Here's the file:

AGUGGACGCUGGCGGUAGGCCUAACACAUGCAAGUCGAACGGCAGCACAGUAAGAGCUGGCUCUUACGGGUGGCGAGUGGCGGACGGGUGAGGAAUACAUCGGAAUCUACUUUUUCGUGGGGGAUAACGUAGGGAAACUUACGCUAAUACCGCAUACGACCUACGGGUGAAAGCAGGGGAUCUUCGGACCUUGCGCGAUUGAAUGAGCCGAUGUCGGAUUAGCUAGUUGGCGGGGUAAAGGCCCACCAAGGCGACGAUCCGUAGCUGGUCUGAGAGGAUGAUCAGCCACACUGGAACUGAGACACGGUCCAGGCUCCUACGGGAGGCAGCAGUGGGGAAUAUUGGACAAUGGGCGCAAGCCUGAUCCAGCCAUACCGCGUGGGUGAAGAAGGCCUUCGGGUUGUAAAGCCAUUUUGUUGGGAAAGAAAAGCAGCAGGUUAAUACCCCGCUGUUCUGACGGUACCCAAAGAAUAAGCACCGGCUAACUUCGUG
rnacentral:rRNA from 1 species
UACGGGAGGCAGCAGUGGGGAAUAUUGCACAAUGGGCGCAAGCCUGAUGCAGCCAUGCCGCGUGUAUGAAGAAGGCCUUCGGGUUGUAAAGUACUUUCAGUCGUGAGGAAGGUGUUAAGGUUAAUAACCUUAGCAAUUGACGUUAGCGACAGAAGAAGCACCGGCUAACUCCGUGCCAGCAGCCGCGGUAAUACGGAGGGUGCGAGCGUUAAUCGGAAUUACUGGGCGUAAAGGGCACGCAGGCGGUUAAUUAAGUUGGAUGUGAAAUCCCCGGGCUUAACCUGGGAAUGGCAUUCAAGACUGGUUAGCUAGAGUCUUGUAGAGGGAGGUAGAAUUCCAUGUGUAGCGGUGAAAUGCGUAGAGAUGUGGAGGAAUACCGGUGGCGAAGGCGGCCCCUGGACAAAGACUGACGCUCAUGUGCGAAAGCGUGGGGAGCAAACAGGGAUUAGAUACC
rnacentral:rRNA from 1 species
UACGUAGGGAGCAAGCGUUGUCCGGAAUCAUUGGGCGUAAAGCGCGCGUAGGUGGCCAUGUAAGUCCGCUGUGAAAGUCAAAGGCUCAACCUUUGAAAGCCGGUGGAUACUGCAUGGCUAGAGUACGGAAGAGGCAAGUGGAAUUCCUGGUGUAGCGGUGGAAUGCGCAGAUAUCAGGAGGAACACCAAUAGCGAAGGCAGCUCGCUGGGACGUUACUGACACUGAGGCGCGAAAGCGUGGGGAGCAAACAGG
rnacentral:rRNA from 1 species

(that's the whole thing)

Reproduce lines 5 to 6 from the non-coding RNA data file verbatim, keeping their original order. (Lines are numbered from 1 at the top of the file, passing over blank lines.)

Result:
UACGUAGGGAGCAAGCGUUGUCCGGAAUCAUUGGGCGUAAAGCGCGCGUAGGUGGCCAUGUAAGUCCGCUGUGAAAGUCAAAGGCUCAACCUUUGAAAGCCGGUGGAUACUGCAUGGCUAGAGUACGGAAGAGGCAAGUGGAAUUCCUGGUGUAGCGGUGGAAUGCGCAGAUAUCAGGAGGAACACCAAUAGCGAAGGCAGCUCGCUGGGACGUUACUGACACUGAGGCGCGAAAGCGUGGGGAGCAAACAGG
rnacentral:rRNA from 1 species